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  13. Dear Robert, Keith and Yoram,

    You three could do me a great favor. Just enumerate the rules you could agree on (no comments or questions). Then we can find out which rules you would agree on all together. I am very curious.

    The author of The World Solution also wrote a book on wisdom called Tao Stoïcs. You can find the book at:

    http://www.socsci.kun.nl/~advdv/taostoa/taostoa.html

    There are several Tao Stoïcs on Lottocracy (see Alphabetical Register). Please, read Tao Stoïc 255:

    Design World-Government

    On our planet there should be one Government of, perhaps a thousand persons, Lottocratically appointed, a better word than conscripted or press-ganged, yet virtually the same. It happens per computer, out of say the content of 45 year olds. The most utter care must be taken against grouping processes, leading to leadership, lobbying, barter, hierarchy, secrecy, and whim. There are no assemblies in proximity, no gatherings in large Halls complete with ‘performances’ but all over the planet, electronically linked, each sits in his cubicle with his own conscience, and in touch with all of the best scientific advice possible.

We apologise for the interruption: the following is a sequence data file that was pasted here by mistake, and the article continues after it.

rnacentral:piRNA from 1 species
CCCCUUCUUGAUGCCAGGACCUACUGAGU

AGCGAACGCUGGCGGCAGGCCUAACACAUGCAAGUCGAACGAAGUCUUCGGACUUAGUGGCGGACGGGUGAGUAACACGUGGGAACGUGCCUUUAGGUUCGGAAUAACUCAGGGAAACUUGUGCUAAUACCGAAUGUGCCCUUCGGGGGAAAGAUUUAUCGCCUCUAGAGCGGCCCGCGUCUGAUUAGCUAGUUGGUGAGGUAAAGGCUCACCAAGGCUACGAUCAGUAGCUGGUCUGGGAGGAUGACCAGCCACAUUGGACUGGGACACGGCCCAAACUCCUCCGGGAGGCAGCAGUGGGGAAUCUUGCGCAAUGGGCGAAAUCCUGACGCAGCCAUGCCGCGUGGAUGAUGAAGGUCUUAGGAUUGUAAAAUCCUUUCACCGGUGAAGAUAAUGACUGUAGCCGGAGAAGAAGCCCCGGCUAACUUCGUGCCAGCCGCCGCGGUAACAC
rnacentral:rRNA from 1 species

The main stress should lie at the numbers of te members, not their names. This promotes the feeling that the members can decide in anonymity, purely as related to the problem.

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  14. I don’t think there’s any point in rules until there is an agreement on principles. This, I’m afraid to say, means the need for ongoing discussion. In any event, they pretty well all read to me as desiderata not rules, as they are in fact normative principles (“there must not be the risk of conspiracy within the group”). A rule would specify exactly how that desideratum was achieved — and this generally requires a structural solution, rather than a rule. You can prohibit conspiracy until you’re blue in the face — the important issue is how to structure political arrangements in such a way as to minimise conspiracy.